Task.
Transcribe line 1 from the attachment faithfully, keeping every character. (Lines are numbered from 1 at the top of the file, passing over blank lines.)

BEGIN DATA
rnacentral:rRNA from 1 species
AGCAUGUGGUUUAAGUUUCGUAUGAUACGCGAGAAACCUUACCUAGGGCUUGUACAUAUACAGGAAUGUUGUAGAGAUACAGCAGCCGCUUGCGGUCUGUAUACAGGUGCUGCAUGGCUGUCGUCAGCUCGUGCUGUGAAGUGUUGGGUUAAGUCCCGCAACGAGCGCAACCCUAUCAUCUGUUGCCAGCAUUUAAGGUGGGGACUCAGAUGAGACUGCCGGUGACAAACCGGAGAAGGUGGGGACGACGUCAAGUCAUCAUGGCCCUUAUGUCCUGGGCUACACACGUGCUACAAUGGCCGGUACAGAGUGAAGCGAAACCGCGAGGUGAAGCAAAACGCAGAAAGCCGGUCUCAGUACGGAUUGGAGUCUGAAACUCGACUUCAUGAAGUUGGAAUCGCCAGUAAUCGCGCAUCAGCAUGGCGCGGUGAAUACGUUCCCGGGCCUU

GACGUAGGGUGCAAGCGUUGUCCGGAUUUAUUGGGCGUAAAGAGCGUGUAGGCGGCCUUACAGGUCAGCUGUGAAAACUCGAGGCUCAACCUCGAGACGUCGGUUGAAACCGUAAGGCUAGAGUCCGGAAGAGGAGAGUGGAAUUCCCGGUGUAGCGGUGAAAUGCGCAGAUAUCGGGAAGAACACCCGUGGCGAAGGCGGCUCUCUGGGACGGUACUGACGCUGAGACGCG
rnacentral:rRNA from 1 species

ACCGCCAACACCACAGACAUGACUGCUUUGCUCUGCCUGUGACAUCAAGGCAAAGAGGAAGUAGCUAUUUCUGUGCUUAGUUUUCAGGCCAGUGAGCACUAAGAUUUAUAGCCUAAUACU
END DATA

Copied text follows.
rnacentral:rRNA from 1 species